Surrounding the borders of Barcelona’s old city, the Eixample district is an unmistakable grid of some 900 seemingly similar city blocks master planned by Ildefon Cerda. Characterized by its unique 45 degree cut corners and home to Antoni Gaudi’s Sagrada Familia, Casa Mila and Casa Battlo, the area stretches from Mies Van der Rohe’s reconstructed Barcelona Pavilion at the base of Mont Juic to Jean Nouvel’s Torre Agbar at Placa Glories Catalanes.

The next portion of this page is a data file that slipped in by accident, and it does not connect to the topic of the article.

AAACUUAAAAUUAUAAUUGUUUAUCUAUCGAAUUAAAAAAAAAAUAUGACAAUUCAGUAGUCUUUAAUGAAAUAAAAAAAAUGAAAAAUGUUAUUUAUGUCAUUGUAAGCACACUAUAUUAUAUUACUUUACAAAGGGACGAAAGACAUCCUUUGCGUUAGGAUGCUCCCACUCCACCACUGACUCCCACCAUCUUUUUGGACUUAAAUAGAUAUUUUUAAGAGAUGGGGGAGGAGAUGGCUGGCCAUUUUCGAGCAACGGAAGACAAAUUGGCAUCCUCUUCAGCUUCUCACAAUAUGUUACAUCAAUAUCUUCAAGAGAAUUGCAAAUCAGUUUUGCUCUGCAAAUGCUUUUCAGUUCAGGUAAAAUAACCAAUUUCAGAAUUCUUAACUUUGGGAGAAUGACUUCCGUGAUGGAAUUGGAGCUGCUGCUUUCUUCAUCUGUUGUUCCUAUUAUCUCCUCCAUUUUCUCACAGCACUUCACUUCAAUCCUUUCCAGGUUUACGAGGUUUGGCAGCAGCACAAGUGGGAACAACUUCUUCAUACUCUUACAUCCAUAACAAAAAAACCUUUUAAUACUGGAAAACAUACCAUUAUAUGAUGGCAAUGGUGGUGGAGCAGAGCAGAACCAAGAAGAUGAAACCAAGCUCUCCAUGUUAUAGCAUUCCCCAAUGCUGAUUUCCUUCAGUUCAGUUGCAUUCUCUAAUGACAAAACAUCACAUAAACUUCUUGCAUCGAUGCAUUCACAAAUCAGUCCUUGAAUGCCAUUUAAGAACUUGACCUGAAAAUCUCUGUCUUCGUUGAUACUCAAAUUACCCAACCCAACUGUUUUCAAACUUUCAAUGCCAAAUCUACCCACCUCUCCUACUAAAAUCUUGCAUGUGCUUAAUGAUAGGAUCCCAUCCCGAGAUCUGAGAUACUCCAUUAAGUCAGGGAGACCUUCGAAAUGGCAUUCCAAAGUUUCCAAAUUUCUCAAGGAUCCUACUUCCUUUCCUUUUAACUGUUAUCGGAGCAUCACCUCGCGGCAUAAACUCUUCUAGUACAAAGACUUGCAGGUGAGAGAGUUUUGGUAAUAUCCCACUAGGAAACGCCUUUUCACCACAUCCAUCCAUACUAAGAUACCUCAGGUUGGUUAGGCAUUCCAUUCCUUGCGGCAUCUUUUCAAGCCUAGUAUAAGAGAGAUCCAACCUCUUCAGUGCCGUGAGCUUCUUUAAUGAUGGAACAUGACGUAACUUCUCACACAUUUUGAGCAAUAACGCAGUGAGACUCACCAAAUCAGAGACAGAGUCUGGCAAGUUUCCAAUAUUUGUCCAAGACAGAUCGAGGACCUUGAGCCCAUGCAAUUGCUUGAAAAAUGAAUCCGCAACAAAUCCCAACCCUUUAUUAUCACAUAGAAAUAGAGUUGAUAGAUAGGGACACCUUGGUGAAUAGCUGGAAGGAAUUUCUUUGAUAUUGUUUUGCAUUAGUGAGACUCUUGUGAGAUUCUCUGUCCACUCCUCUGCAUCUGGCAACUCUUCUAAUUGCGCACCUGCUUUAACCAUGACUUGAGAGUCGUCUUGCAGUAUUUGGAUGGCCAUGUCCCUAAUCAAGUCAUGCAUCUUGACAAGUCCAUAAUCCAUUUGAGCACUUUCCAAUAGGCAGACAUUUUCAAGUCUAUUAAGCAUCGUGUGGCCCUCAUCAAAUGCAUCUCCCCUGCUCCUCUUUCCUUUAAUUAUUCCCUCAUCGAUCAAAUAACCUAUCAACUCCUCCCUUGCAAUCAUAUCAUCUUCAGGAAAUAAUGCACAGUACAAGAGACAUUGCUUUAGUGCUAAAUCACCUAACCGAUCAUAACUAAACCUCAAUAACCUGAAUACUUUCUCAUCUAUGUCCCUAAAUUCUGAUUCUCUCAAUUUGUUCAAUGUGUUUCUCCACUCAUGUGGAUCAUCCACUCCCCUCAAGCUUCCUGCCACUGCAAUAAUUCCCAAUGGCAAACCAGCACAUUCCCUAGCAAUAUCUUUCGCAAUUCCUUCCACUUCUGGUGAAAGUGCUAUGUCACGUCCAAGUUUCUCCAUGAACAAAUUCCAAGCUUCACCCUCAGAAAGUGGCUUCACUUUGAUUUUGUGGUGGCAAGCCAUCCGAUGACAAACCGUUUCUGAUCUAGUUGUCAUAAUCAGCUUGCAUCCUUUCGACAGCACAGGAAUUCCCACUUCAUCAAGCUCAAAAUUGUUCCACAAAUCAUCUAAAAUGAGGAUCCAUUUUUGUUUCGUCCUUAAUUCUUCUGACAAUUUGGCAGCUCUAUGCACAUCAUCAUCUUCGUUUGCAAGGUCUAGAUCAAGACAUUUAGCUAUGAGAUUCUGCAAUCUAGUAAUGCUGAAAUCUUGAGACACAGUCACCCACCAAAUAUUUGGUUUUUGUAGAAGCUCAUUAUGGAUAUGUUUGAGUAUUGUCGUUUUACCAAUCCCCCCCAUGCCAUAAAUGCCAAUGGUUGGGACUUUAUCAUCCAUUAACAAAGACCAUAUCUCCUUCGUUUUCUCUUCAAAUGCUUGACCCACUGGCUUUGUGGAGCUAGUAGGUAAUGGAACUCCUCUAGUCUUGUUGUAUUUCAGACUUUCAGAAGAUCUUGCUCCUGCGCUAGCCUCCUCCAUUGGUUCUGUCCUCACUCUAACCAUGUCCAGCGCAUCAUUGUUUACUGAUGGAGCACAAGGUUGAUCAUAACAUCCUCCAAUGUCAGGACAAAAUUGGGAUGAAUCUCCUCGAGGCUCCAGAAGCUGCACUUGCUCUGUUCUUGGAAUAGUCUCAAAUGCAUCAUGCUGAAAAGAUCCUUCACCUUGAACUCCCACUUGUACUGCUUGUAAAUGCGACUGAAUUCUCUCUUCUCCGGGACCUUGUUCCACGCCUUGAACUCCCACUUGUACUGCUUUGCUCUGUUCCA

From above, the density and magnitude of the city-block morphology is an unimaginable exercise in master planning and replication. From within, the uniqueness of each city block is a disorienting yet atmospheric pedestrian experience. The area however, did not develop as Cerda had originally planned. What began as a utopian master plan championing publicly accessible green space has today become an enclosed and privatized neighborhood specifically lacking this publicly accessible green space. While recent efforts have been made to revitalize the neighborhood more in line with Cerda’s initial intentions, the entire implementation of Cerda’s vision is these days wholly impracticable. ….